To cite a widely quoted maxim in publishing: you won’t make money from a book; you’ll make money because of a book. That is, think of your book as a means of enhancing your brand as a writer/expert. Nonfiction books can build your reputation, lead to writing assignments, and give the opportunity to make money teaching workshops in your subject. I’ve made much more money from my communication workshops for scientists than I have from Explaining Research.
And for novels, building a brand means publishing multiple novels and working to create a following such that readers of one novel will buy others.
A self-publishing trend
My decision to self-publish is very much in line with the times. For example, Guy Kawasaki author of APE (Author, Publisher, Entrepreneur) How to Publish a Book—has listed these “Top Ten Reasons to Self-publish Your Book.”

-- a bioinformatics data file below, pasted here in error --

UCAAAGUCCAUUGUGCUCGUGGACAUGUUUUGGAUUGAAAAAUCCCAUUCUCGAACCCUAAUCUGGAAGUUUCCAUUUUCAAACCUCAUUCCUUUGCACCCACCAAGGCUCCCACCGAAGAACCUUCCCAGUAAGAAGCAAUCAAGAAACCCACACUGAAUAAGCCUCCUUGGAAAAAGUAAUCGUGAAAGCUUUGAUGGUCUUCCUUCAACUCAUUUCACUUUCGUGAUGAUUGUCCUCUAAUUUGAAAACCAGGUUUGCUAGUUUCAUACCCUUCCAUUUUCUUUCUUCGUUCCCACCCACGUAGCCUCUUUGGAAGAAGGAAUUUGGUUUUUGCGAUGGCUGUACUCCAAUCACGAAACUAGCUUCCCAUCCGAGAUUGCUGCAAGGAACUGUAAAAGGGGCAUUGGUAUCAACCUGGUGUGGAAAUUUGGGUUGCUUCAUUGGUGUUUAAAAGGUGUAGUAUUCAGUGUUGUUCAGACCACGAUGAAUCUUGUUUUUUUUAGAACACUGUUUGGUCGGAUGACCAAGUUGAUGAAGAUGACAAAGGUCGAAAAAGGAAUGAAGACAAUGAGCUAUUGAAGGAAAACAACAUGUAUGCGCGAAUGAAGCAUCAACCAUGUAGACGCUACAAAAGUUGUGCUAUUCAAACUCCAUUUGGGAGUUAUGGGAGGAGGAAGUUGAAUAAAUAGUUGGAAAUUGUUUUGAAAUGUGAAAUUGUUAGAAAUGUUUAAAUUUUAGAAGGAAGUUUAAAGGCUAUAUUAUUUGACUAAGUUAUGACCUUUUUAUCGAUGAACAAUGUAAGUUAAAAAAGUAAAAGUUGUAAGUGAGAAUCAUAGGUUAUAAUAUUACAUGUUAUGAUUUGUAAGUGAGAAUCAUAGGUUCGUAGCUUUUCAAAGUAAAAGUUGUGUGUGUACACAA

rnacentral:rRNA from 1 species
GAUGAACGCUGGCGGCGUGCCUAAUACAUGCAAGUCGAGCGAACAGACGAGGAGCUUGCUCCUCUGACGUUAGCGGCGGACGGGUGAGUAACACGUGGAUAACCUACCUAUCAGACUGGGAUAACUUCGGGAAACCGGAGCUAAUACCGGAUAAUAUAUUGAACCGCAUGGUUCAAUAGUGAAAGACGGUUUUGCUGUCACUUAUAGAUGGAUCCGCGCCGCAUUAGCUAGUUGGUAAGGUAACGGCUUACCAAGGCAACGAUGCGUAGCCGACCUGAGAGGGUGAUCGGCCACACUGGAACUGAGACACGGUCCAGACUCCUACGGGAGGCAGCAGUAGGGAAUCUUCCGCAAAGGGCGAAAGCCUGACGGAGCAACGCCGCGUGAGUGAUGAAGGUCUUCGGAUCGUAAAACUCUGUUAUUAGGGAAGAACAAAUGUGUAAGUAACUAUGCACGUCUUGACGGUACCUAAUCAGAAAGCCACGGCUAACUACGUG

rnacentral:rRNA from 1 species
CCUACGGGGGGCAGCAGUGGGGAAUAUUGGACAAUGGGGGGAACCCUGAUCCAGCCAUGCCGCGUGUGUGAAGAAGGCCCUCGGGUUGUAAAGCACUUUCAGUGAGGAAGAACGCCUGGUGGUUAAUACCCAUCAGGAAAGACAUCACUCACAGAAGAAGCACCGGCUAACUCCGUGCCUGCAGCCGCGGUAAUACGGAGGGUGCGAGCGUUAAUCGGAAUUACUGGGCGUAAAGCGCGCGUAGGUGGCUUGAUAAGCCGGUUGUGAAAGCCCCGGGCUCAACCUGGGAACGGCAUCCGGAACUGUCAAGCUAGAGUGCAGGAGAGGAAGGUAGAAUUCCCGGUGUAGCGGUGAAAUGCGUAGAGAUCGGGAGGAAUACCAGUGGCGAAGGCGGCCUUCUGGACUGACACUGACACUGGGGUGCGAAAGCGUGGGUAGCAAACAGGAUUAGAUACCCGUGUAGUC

Self-publishing is also very much the wave of the future, contends David Vinjamuri in his overview of the publishing industry, “Publishing is Broken, We’re Drowning in Indie Books—And That’s a Good Thing.” Vinjamuri predicts that “. . . mainstream authors who don’t reach the blockbuster sales of Brad Thor or Sue Grafton—but have an established audience—will choose the favorable economics of Indie publishing.” He also points out that “authors like Edgar-winning mystery author Lawrence Block and Margaret Muir have already embraced indie publishing for the obvious economic benefits. There are also many authors who started as self-publishers and are making a solid living in Indie-land.”
Here are other recent articles on the subject:
- Book Publishers Scramble to Rewrite Their Future, by Evan Hughes on Wired.com
- New Publisher Authors Trust: Themselves, by Leslie Kaufman in The New York Times
- Self-Publishing is the Future — and Great for Writers, by Hugh Howey on Salon.com
However, there are major cautions that should be added to these writers’ upbeat views of self-publishing: In your marketing, you will be trying to distinguish your book from masses of self-published dreck and battling the still-questionable image of self-published authors—although some of this may be sour grapes, as pointed out by Debra Holland in this blog post.
The decision and the process are complex; and I hope this series helps you to decide whether to self-publish, and if you do, to successfully navigate those complexities.